Alan Mozes, HealthDay Reporter
OKLAHOMA CITY -- Compulsively checking your smartphone may not actually be that smart, British researchers warn.
The cautionary observation stems from a new study that finds an association between the increasingly popular use of Web-enabled cellphones and a rise in stress levels.
The reason: a relentless need to immediately review and respond to each and every incoming message, alert or bing.
Surprisingly, however, investigators did not link stress to the professional use of smartphones for work purposes. Rather, it's the personal use of such devices, to keep tabs on friendships and social networking "news," that is the culprit.
"Smartphones are being used more and more to help people cope with different aspects of their life," said study author Richard Balding, a psychologist in the department of psychology at the University of Worcester, in England. "But the more they're being used the more we're actually becoming a bit dependent upon them, and actually courting stress instead of relieving it."
Balding and his colleagues are slated to present their findings Thursday at a meeting of the British Psychological Society in Chester, England.
To explore how the use of iPhones, Androids, Blackberries and other similar hand-held devices may elevate stress, Balding and his team conducted psychometric stress tests among more than 100 participants, including university students, retail workers and public-sector employees.
All were also asked to complete a survey regarding their phone use.
The authors found that people typically first acquire such phones to better manage their work obligations. In turn, however, they noted that users eventually end up sliding into more personal smartphone interactions, eschewing work-related usage in favor of wanting to maintain control of one's virtual social network.
As this pattern of use takes flight so does stress, the researchers observed. And, in that regard, more is definitely more: The more often someone checks a phone for personal reasons the more stress rises.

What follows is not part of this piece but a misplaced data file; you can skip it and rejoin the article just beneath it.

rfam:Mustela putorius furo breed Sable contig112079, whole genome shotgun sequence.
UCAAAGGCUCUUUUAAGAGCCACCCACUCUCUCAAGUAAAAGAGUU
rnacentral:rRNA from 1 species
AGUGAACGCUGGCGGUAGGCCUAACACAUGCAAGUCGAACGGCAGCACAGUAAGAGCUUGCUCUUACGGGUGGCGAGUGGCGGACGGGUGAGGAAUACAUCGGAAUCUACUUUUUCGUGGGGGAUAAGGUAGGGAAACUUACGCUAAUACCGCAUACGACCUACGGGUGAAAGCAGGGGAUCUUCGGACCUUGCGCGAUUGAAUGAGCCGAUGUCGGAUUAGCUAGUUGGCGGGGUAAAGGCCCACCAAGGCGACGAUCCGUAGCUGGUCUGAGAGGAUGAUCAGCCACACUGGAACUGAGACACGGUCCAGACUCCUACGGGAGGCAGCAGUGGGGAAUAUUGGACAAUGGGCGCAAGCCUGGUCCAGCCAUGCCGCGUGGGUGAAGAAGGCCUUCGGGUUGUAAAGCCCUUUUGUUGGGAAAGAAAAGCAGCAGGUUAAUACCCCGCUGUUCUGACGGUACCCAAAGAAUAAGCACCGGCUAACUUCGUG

In extreme cases, the pressure to keep in touch can become extreme, such that the most stressed users actually perceive incoming alerts (via, for example, phone vibrations) that never really happen.
"Now, certainly it's good to keep connected," Balding acknowledged. "But everyone needs a break. Some time on your own. Otherwise there's a risk that the stress and tension that builds up from keeping engaged can end up having a negative impact on relationships."
Sonja Lyubomirsky, a professor of psychology at the University of California, Riverside, said that while the observations struck her as "reasonable," more work is needed to establish a true cause-and-effect.
"It could be that people who are already more stressed out and neurotic are more likely to check their phones compulsively in the first place, that people who have high stress levels to begin with are the ones who need to have their phones on all the time," she said. "So we need to see what's actually causing what."
"Of course, there's lots of research that shows that truly living in the moment makes people happier," Lyubomirsky noted. "And clearly we're less likely to savor the moment if we're checking the phone. But at the same time, it's not always a bad thing. It saves me time. It makes being in touch so much easier, and enables multitasking. There are plenty of people who can gain pleasure out of sending a thank-you email to someone or surfing the Web for information. So it's how you use the phone that matters, not the phone itself."
Because this study was presented at a medical meeting, the data and conclusions should be viewed as preliminary until published in a peer-reviewed journal.
For more on stress, visit the U.S. National Library of Medicine.